THE EXAMPLE OF A THERMAL BRIDGE
Let’s assume Alberto’s data is correct.
From the conductance value certified by the University of Bologna, you can calculate the conductivity value of the paint: 0,10 W/mK (0.058 BTU/h*ft*F). This is in line with what was discussed with the Certifier. It is still more than two times worse than an average insulation material (about 0,04 W/mK, 0.023 BTU/h*ft*F)).
On top of this, we still need the value of emissivity of the paint. We asked Alberto, but we never received an answer. Let’s take the most optimistic value: 0,3.
With an analytic calculation according to ISO 6946, an internal surface at 20°C (68°F), with an emissivity of 0,3, has an internal resistance of 0,237 m2K/W (instead of the usual 0,13 m2K/W).
For the ISO 13788 calculation of interior temperature and the risk of mold, we kept the following boundary conditions:
- inside: 20°C (68°F); humidity 54,3% for C2, and 61,2% for C3 (according to the National appendix to the norm), internal resistance 0,25 m2K/W (from the norm);
- outside: 1,0 °C (33,8°F), humidity according to climate zone (Reggio Emilia), external resistance 0,04 m2K/W (from the norm).
As far as the thickness of the paint, we considered the following values:
- 0 mm – existing wall, without thermal paint;
- 2 mm (0,08 in)- wall with two coats of thermal paint, as described in the data sheet;
- 6 mm (0,24 in)- wall with the same thickness of thermal paint as in the certificate of the University of Bologna.
The node we studied is a typical corner column in a masonry construction, with hollow bricks of baked clay, 25 cm thick (0,82 ft), and lime plaster on both sides, with no thermal insulation.
The isotherms show how the corner is a weak point of the thermal envelope, both from a heat flow point of view and for the internal surface temperatures.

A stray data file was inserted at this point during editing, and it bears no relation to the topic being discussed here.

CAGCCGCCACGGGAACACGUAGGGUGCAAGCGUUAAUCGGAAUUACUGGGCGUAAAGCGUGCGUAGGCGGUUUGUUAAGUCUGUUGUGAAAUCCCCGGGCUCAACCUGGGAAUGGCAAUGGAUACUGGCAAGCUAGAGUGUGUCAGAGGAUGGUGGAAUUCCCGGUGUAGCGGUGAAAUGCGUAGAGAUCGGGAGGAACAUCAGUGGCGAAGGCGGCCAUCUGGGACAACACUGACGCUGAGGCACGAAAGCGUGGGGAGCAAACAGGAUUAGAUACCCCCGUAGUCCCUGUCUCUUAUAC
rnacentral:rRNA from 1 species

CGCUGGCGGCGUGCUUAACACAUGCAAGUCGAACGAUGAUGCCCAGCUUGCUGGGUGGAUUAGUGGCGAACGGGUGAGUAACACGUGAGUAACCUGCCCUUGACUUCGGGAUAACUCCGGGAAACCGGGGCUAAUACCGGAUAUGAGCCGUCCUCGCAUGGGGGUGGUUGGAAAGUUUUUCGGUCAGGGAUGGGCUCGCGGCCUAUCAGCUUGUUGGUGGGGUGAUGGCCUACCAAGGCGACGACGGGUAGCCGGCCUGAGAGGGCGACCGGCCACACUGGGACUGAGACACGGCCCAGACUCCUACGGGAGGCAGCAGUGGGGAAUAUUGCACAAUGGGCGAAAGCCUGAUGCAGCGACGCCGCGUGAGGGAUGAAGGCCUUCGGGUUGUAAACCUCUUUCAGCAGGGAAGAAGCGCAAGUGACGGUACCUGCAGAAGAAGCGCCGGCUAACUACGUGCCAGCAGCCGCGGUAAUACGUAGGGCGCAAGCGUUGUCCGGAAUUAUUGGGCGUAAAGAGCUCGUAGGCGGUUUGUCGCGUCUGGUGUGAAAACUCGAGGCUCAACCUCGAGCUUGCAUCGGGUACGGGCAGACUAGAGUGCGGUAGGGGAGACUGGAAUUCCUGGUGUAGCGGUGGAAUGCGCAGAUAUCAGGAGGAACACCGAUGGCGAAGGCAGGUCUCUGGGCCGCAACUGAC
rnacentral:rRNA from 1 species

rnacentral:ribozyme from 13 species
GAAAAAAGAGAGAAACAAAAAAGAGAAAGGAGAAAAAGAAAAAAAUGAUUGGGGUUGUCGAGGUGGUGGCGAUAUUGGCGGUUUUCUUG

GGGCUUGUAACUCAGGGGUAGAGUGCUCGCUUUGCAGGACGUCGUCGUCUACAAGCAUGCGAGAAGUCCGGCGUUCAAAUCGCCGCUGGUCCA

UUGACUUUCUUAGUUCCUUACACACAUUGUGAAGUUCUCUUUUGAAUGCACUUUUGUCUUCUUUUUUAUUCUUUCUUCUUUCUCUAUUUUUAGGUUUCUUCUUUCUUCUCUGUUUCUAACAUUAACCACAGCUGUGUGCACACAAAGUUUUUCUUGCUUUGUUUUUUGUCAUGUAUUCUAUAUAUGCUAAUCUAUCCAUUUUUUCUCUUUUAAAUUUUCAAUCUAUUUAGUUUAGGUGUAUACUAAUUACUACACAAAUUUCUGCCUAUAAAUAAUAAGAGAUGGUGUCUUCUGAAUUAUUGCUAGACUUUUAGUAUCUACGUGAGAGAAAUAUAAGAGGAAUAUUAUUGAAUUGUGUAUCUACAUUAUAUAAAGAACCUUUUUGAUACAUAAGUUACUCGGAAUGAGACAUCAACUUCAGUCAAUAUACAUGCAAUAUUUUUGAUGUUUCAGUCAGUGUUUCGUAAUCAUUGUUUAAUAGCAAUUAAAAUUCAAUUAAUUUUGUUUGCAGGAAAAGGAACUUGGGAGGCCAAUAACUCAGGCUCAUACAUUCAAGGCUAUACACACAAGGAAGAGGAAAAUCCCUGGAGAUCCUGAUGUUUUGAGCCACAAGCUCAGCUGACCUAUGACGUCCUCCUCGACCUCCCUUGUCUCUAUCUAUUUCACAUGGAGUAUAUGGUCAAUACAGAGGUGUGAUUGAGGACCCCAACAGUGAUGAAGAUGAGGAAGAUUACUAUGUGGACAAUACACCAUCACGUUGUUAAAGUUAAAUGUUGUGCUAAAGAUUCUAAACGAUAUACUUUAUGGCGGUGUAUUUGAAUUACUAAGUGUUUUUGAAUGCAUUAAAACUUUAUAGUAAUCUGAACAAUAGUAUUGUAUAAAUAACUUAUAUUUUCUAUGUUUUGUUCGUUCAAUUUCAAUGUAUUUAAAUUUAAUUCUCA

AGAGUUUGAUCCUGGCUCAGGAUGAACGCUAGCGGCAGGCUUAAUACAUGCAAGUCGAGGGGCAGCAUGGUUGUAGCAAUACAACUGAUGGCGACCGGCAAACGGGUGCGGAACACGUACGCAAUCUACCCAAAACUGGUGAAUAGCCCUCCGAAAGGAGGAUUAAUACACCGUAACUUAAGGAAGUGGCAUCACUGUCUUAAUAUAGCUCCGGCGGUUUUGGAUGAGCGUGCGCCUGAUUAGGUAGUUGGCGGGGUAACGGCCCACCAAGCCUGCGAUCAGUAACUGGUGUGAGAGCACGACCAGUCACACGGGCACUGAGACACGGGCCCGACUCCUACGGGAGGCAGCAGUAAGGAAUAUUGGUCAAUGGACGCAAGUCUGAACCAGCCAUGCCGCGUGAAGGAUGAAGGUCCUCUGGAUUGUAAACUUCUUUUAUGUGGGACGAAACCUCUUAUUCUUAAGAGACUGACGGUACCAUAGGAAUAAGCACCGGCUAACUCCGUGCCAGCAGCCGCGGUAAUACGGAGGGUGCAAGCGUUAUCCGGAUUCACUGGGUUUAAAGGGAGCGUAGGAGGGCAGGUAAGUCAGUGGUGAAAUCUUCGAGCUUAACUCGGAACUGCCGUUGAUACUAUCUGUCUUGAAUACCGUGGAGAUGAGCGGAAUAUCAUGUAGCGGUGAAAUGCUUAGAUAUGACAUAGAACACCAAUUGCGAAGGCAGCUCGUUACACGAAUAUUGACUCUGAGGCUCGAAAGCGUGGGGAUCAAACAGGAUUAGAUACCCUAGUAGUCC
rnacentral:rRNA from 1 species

Even with a relatively low internal humidity level, the corner allows for mold to form because of the very low surface temperatures.
An enlargement of the corner, with the 6 mm (0,24 in) thermal paint highlighted in green.
A simple ISO 6946 calculation shows how the combined effect of the thermal paint (conductive+radiative insulation) is anyway quite scarce. To achieve the same result, you’d need less than one centimeter of standard insulation.
From the finite element analysis of the node, you can see that the thermal paint allows for an improvement in terms of heat flow. The PSI value of the thermal bridge of the corner is substantially reduced (as it would also happen, with 1 cm of standard insulation).
This effect is nothing special: the very first layer of insulation is always the most effective one. In this, thermal paint is no exception.
From the point of view of internal surface temperatures, the result is not as positive. This is shown in the ISO 13788 analysis for the risk of mold.
The analysis clearly shows that 6 mm of thermal paint are not going to make a difference for mold. In this case, the internal temperature is going to be only 0,8 °C (1,4°F) higher than in the case of the the untreated wall.